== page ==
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Fox Quarterly Winter 2019

Bringing It Home

The greatest luxury, many would agree, is our health. And the wealthy are doing healthy in serious style in their homes these days.

by Zoe Dare Hall

Wellness has become one of the biggest current trends in luxury property globally – and having a small pool in your basement is no longer enough. Now, pools in private homes are getting super-sized, such as a 94ft x 38ft extravaganza that wraps its way around a lower floor of Heathfield House in Highgate, a ten-bedroom modern mansion on sale through Sotheby’s International Realty for £40m.

Along with a treatment room, steam room and sauna (ideally infra-red – it’s better for you), rich buyers in prime central London are requesting homes with space for their vitamin D chamber, snow cave and cryotherapy tanks. Joining the ranks of professional athletes, who use cryo-chambers to speed up recovery, and Hollywood A-listers, who are mostly in pursuit of eternal youth, London’s super-rich are starting to regard a cryo-room as essential a piece of kit as their home cinema and wine wall.

Until recently, such wellness features were the preserve of prime developments, which have the luxury of space and large numbers of residents paying high service charges to cover the ample costs of maintaining an in-house pool and spa. But now, London’s most luxurious private townhouses are likely to feature extravagant fitness rooms. Take the new six-storey townhouses, priced from £37m, at Chelsea Barracks, the £3.5bn reinvention of the British Army’s former base in 13 acres of prime west London. Each has its own pool and spa, despite being just steps away from the opulent on-site spa that, at 12,000sq ft, is thought to be the biggest private wellness space in the capital.

And when a simple storey devoted to health and fitness isn’t enough, how about an entire wellness wing? The finishing touches are being added to just that at a new-build 44,000sq ft neoclassical mansion in Surrey, interior designed by Stephenson Wright. The west wing includes a hotel-spec gym with a glass wall overlooking a 17m-long indoor pool that runs the length of the house.  

It’s not just London’s richest echelons that have gone wellness mad. No surprise that New Yorkers are in on it, too. In Tribeca, the Pool Townhome Collection – part of 11 Beach development – has three triplex townhouses each with their own stainless steel 50ft private pool. One of them, Townhouse A, is on sale for a shade under $10m.

US developers are also going a step further than simply making fitness facilities one feature of a property. They are building entire wellness properties whose very fabric and function are designed to be health-enhancing. There’s an undeniable wow factor in having marble spas and cool pools, or the latest high-tech gimmicks. Finchatton’s design director Jiin Kim-Inoue was particularly struck by something she saw in San Francisco recently: artwork in the yoga and meditation room that pulsates to the rhythm of the client’s heartbeat.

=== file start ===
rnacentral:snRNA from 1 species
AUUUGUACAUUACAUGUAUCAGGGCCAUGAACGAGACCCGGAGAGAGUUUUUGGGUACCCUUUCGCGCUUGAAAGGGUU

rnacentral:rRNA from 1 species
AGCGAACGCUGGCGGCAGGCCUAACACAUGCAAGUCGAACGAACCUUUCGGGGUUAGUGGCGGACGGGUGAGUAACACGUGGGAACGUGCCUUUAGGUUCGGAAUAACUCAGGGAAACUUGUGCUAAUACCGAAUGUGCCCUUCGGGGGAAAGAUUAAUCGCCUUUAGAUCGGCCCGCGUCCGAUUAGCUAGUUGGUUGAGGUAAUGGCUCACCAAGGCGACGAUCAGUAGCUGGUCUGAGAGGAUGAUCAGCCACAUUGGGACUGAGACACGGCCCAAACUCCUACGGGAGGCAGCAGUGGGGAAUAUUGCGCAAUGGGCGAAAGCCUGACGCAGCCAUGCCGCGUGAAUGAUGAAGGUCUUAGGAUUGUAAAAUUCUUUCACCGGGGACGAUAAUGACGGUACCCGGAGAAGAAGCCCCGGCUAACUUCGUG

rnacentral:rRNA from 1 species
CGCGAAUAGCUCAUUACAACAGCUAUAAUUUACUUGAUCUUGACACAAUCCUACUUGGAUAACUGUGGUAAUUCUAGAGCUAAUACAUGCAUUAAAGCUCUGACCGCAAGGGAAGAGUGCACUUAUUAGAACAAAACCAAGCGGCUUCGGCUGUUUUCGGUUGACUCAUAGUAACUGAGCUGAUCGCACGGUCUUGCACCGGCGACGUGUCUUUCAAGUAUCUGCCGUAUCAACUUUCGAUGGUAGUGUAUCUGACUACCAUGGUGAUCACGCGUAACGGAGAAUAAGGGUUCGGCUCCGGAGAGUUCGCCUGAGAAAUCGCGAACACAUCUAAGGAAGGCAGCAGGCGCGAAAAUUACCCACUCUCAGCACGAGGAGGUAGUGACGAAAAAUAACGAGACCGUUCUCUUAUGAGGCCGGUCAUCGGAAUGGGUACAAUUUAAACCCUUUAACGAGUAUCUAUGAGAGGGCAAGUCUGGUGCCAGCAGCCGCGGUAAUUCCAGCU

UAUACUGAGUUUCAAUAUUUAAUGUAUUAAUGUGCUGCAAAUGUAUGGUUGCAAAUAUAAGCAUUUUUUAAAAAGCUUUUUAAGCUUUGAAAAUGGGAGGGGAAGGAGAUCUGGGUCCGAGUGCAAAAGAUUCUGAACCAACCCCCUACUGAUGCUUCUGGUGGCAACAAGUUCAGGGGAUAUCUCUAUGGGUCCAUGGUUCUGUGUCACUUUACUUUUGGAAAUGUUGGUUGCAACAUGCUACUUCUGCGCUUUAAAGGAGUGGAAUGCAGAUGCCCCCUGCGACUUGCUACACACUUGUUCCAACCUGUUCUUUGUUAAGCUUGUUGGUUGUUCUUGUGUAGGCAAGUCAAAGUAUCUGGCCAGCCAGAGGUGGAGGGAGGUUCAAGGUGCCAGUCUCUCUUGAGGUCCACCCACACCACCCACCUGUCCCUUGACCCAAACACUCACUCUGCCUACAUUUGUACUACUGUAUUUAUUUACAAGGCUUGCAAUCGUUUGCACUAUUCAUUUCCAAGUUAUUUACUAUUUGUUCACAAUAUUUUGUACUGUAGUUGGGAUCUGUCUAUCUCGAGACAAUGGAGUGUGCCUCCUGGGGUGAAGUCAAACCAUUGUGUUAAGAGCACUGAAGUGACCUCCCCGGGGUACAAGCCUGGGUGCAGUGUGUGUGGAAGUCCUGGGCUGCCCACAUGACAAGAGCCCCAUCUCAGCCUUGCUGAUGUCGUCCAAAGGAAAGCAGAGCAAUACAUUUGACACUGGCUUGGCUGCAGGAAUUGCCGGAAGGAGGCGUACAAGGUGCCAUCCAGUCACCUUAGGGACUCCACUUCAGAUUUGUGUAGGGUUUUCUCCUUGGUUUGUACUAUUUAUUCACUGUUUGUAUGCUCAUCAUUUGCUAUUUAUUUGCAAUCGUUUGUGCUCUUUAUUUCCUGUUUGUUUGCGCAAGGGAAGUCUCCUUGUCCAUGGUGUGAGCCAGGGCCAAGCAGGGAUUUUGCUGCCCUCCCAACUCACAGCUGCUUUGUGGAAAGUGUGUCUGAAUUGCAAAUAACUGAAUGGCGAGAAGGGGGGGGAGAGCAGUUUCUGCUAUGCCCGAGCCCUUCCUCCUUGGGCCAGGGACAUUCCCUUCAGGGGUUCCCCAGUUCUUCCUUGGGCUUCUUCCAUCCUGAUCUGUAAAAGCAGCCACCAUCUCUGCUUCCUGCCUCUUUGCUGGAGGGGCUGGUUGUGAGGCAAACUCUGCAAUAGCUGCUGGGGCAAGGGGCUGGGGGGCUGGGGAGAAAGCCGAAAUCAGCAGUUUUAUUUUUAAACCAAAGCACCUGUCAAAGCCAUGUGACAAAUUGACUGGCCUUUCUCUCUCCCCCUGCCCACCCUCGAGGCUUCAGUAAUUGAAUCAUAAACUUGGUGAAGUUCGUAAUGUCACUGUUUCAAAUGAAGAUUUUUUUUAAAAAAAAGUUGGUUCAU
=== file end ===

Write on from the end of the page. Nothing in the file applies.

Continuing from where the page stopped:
But wellness in its more holistic and all-encompassing form isn’t just about the bling. It’s about the intuitive, often invisible technology that goes into creating the ultimate healthy living environment. On Manhattan’s Upper West Side, The Wellness Apartment – on sale for $25m – is described by Sotheby’s International Realty as “setting a new standard in ultra-clean living”. Built by the co-founders of Hu, a healthy snacks company, the entirely hypoallergenic apartment includes features such as lighting that brightens and dims in sync with the body’s circadian rhythms, a triple-osmosis water filtration system and UV light-blocking windows.

Zip over to the west coast and in San Fran you’ll find a similar concept in Residence 950 – though, at $40.5m, it’s also the city’s most expensive property for sale, and one of its largest, spanning an entire block.

Set in upmarket Russian Hill, the house has a glass-sided, cantilevered pool with views over the city and Bay, and a separate Wellness Cottage, with sauna, steam and massage rooms and a panoramic hot tub. That’s all the trophy wellness paraphernalia. The truly healthy stuff, though, is the “behind the walls” technology, says its developer Gregory Malin of Troon Pacific, including hospital-grade air and water filtration, sound and electromagnetic field mitigation and biophilic design, which enhances wellness through a connection with nature. Given rampant pollution and forest fires in major cities across the world, good air quality, Malin reckons, will become the most sought-after feature of homes around the world.

We’re all starting to think about wellness differently these days – trying to take care of the mental as well as physical, in eternal pursuit of the life/work balance. And property developers are latching on to these new facets of homes that make us feel good. “Whole house wellness curation” is how health consultant Karen Cummings-Palmer describes it: “Homes are literally being turned into the ultimate sanctuaries where everything feels better just by being there.”

Zoe Dare Hall is an award-winning writer specialising in the dominant, luxury end of the property sector. She has spent the last decade travelling the world to cover the boom and bust of global property markets.

Winter 2019

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